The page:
“I remember being on a train journey when a very smartly dressed gentleman entered the carriage. He had on a suit and tie, was carrying a briefcase, and all of a sudden he started saying 'fuck, fuck, fuck, fuck . . .' “I thought to myself, I’ve got to go. I’m going to catch this. I could feel myself wanting to do the same thing,” says Tim Usherwood, Professor of General Practice at Westmead Clinical School.
Usherwood’s travelling companion had Tourette Syndrome, something he was able to easily recognise because it is a condition that he shares. However, unlike the dapper man, Usherwood has never suffered from coprolalia - the uncontrolled use of scatological words – and didn’t want to become ‘infected’.
“Interestingly, with Tourette’s, you can catch tics. As a child, my father once made a face at me, wrinkling up his nose, and I copied him. Once you have developed a tic it can last months, sometimes years.”
Typical of Tourette’s, which develops in early to mid-childhood, Usherwood has lived with the syndrome since he was seven or eight years of age. “Once you have it, it tends to persist throughout adult life. The features vary over time, with some tics disappearing and new ones replacing them.” He’s now 58 and, even though the tics have become less marked in the past 10-15 years, he still has them.
Usherwood’s first memory of the condition is sitting in his school classroom and grunting. “The feeling is a bit like a sneeze. You can suppress it for a while but in the end you have to do it. When you are on your own, it’s easier just to do it. I would be grunting 30 . . . 40 . . . 50 times a day and wrinkling my nose with similar frequency.” “I didn’t like it growing up because I didn’t understand it. It used to annoy my school mates, especially as exams would exacerbate the grunting, and I was known as ‘Twitch’.
“When I first developed the tics, my parents took me to the family doctor. At the time, Tourette’s was seen as a psychiatric illness and I was shunted off to see a psychotherapist. I learnt about a lot of things, including sex, but the sessions did nothing for my tics.
“When I got to uni, I spoke with a professor of psychiatry about it and by this time, Tourette’s was recognised as a neurological disorder. It’s interesting to see how the framing of the condition changed around my teens. It’s been the same with schizophrenia, which was viewed as a psychodynamic problem and is now understood as due to abnormalities of brain function. And now we are beginning to understand the biological underpinning of depression and anxiety. Anyway, he suggested behavioural modifications which were no help, and a drug called haloperidol which just made things worse”.
“In the end, I just decided it’s part of who I am and I live with it. I happen to be six foot tall, I happen to have blue eyes and I happen to have Tourette’s. I’ve found that approach enormously helpful.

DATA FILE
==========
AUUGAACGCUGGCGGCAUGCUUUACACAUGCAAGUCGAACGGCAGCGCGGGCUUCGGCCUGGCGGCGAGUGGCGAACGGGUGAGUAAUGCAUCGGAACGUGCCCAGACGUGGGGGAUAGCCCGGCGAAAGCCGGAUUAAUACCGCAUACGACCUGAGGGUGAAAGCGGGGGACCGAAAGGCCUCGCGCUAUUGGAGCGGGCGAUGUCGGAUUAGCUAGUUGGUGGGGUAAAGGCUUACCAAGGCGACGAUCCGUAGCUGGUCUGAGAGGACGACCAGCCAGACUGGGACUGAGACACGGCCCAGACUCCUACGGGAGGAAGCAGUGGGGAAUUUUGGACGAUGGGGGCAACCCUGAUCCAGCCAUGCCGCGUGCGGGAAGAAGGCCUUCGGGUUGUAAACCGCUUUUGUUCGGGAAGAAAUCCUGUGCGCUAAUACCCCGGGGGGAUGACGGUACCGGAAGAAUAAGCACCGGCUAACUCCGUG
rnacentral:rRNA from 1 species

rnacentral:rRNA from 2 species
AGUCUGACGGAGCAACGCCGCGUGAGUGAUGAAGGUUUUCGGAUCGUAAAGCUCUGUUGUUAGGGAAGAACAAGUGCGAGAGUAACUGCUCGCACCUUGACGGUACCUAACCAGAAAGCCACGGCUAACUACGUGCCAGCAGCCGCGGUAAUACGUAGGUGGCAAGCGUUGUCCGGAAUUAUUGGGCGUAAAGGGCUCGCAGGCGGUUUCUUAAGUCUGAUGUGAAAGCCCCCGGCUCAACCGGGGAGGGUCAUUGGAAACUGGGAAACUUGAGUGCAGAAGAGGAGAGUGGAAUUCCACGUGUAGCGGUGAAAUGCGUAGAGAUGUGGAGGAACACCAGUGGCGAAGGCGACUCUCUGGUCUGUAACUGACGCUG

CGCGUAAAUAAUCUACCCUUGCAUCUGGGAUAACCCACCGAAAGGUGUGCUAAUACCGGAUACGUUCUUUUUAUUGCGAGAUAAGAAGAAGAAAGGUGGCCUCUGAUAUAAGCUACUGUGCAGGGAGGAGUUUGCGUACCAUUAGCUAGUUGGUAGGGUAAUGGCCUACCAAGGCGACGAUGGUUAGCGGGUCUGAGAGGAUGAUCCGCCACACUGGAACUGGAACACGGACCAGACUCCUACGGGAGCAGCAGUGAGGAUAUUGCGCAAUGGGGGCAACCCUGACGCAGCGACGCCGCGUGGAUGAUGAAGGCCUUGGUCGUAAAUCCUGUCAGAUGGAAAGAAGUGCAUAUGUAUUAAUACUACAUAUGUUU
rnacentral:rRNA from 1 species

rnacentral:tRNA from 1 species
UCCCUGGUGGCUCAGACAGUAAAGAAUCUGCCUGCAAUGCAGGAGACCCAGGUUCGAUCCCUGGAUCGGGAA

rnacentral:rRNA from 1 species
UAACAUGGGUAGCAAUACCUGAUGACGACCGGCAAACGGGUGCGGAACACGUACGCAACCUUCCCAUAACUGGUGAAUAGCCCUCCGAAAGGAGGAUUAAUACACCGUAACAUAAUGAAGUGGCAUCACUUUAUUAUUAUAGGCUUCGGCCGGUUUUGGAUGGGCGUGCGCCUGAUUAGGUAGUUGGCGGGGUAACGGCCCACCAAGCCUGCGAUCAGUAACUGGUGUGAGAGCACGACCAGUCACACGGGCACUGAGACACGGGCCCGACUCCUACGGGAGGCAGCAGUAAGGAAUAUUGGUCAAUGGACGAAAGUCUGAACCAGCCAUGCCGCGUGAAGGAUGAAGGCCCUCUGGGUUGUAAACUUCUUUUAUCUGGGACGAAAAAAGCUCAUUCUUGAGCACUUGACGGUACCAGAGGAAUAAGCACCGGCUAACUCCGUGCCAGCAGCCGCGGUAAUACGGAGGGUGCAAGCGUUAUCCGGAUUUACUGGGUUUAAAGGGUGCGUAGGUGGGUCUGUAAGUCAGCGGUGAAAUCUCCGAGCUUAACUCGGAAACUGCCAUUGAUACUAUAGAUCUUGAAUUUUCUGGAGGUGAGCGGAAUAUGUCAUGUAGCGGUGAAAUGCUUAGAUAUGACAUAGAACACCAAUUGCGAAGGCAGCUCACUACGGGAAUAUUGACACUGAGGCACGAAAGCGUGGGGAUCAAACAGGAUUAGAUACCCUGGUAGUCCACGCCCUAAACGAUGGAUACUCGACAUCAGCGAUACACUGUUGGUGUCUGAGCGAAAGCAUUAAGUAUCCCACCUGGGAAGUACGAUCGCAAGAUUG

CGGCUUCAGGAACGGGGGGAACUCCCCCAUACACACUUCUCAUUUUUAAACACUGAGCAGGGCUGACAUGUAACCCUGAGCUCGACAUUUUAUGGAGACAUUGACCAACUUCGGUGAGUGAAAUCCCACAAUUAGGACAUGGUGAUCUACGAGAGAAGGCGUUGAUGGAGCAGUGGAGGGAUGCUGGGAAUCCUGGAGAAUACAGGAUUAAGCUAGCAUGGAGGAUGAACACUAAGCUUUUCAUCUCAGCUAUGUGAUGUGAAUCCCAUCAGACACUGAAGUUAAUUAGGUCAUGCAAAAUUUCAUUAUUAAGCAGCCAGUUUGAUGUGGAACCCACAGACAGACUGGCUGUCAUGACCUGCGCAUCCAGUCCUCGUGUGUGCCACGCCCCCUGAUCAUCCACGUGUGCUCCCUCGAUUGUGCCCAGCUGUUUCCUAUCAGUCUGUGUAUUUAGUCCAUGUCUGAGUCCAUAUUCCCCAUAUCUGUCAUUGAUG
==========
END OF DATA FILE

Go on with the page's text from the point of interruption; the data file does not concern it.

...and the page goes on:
"The experience of living with a chronic health problem that is fairly obvious to other people has also taught me valuable lessons for my development as a clinician."
“The experience of living with a chronic health problem that is fairly obvious to other people has also taught me valuable lessons for my development as a clinician. It has highlighted to me that patients are far more than a ‘case of diabetes’ or whatever, and often have an interesting story about their illness experiences and how they have responded to them. Understanding this background can be of considerable value when developing a management plan with a patient.”
Usherwood says that the condition is exacerbated in situations that cause anxiety, such as giving presentations, examinations and social functions.
“If it’s a bit obvious when I’m with someone, I might mention that I have it. When I tell people, they sometimes reply, ‘I thought you probably did.’ Awareness of the condition has certainly increased, especially with the writings of Oliver Sacks. He talks about one fellow called Witty Ticcy Ray who has an intolerance to light touch. I realised that I have that, too. I hate wearing a watch and haven’t for many years. I don’t like things lightly touching and caressing my skin.”
Just as there are times when the tics are worse, Usherwood has found that situations of intense concentration can be virtually tic-free. “I used to be a serious rock climber and did it quite well. I would have no problems with tics while balancing my way on a cliff face. At the end of the climb, if it was really challenging, I’d spend time releasing all the tics from my body that I hadn’t even been aware of while climbing. I also do some minor surgery in my practice, such as taking out skin cancers, and there are no problems there either.”
Tourette’s can be associated with ADHD and OCD, and though Usherwood says he has neither, he does own up to being slightly obsessive, something which he feels is not a bad thing in clinical practice, saying that it’s good to double check details. “My kids tease me, asking if I’ve remembered to turn the iron off when I’m leaving home. And I’ll go and check the iron, even if I hadn’t turned it on in the first place, just to be sure it hasn’t somehow turned itself on!”
Tim Usherwood spoke about living with the condition at the Tourette Syndrome Association of Australia’s annual conference in May. He wants to share his experience with children who have Tourette’s, and their parents, believing that accepting the condition as part of oneself is key to reducing its impact.